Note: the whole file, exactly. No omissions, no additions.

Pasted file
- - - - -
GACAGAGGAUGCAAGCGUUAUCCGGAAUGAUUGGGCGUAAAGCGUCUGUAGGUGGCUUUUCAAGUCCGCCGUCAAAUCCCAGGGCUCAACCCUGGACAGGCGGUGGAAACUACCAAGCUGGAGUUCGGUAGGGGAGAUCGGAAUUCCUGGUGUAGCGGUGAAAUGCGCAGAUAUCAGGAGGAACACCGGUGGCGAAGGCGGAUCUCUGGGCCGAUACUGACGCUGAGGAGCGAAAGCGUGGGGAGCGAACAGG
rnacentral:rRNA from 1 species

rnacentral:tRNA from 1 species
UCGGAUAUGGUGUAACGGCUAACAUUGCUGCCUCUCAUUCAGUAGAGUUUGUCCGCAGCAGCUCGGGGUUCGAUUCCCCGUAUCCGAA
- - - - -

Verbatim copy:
GACAGAGGAUGCAAGCGUUAUCCGGAAUGAUUGGGCGUAAAGCGUCUGUAGGUGGCUUUUCAAGUCCGCCGUCAAAUCCCAGGGCUCAACCCUGGACAGGCGGUGGAAACUACCAAGCUGGAGUUCGGUAGGGGAGAUCGGAAUUCCUGGUGUAGCGGUGAAAUGCGCAGAUAUCAGGAGGAACACCGGUGGCGAAGGCGGAUCUCUGGGCCGAUACUGACGCUGAGGAGCGAAAGCGUGGGGAGCGAACAGG
rnacentral:rRNA from 1 species

rnacentral:tRNA from 1 species
UCGGAUAUGGUGUAACGGCUAACAUUGCUGCCUCUCAUUCAGUAGAGUUUGUCCGCAGCAGCUCGGGGUUCGAUUCCCCGUAUCCGAA